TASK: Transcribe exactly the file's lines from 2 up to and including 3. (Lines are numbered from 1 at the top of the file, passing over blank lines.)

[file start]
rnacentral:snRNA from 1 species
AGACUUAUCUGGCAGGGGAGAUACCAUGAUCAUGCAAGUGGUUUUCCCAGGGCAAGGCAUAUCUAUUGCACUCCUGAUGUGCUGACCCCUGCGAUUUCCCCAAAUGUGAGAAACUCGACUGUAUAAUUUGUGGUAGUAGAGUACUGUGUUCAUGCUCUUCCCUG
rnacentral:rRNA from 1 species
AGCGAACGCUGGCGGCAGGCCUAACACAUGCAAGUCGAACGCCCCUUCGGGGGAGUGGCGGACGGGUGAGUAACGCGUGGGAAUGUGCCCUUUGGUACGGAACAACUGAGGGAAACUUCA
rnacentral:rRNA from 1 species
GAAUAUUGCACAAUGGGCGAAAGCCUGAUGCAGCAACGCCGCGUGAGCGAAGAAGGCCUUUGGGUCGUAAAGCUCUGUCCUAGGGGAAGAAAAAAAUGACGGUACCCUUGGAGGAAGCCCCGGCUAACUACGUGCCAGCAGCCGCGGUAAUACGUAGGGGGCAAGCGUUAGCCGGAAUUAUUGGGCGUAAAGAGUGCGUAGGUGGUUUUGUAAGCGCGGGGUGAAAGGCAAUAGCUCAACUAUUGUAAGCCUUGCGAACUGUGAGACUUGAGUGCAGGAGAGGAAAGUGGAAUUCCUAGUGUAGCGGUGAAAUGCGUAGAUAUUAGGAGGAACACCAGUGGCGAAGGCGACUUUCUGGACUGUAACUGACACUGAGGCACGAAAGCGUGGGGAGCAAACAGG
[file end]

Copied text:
AGACUUAUCUGGCAGGGGAGAUACCAUGAUCAUGCAAGUGGUUUUCCCAGGGCAAGGCAUAUCUAUUGCACUCCUGAUGUGCUGACCCCUGCGAUUUCCCCAAAUGUGAGAAACUCGACUGUAUAAUUUGUGGUAGUAGAGUACUGUGUUCAUGCUCUUCCCUG
rnacentral:rRNA from 1 species